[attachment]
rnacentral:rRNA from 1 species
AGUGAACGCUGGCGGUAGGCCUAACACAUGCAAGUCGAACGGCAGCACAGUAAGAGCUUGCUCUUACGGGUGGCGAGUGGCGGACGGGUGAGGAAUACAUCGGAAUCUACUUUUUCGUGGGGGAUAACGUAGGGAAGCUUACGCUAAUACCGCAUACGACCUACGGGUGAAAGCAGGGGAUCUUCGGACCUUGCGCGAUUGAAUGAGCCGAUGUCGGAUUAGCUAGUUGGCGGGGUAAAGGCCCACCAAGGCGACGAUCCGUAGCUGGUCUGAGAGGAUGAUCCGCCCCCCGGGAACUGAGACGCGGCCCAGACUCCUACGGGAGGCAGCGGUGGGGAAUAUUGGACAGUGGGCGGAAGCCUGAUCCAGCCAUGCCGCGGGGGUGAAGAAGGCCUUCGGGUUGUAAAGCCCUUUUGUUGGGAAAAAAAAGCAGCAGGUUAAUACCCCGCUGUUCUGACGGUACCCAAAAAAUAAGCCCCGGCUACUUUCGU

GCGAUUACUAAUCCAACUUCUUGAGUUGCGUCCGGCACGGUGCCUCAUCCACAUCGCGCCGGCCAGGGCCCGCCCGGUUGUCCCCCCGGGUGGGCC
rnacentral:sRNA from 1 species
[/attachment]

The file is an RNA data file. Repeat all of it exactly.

rnacentral:rRNA from 1 species
AGUGAACGCUGGCGGUAGGCCUAACACAUGCAAGUCGAACGGCAGCACAGUAAGAGCUUGCUCUUACGGGUGGCGAGUGGCGGACGGGUGAGGAAUACAUCGGAAUCUACUUUUUCGUGGGGGAUAACGUAGGGAAGCUUACGCUAAUACCGCAUACGACCUACGGGUGAAAGCAGGGGAUCUUCGGACCUUGCGCGAUUGAAUGAGCCGAUGUCGGAUUAGCUAGUUGGCGGGGUAAAGGCCCACCAAGGCGACGAUCCGUAGCUGGUCUGAGAGGAUGAUCCGCCCCCCGGGAACUGAGACGCGGCCCAGACUCCUACGGGAGGCAGCGGUGGGGAAUAUUGGACAGUGGGCGGAAGCCUGAUCCAGCCAUGCCGCGGGGGUGAAGAAGGCCUUCGGGUUGUAAAGCCCUUUUGUUGGGAAAAAAAAGCAGCAGGUUAAUACCCCGCUGUUCUGACGGUACCCAAAAAAUAAGCCCCGGCUACUUUCGU

GCGAUUACUAAUCCAACUUCUUGAGUUGCGUCCGGCACGGUGCCUCAUCCACAUCGCGCCGGCCAGGGCCCGCCCGGUUGUCCCCCCGGGUGGGCC
rnacentral:sRNA from 1 species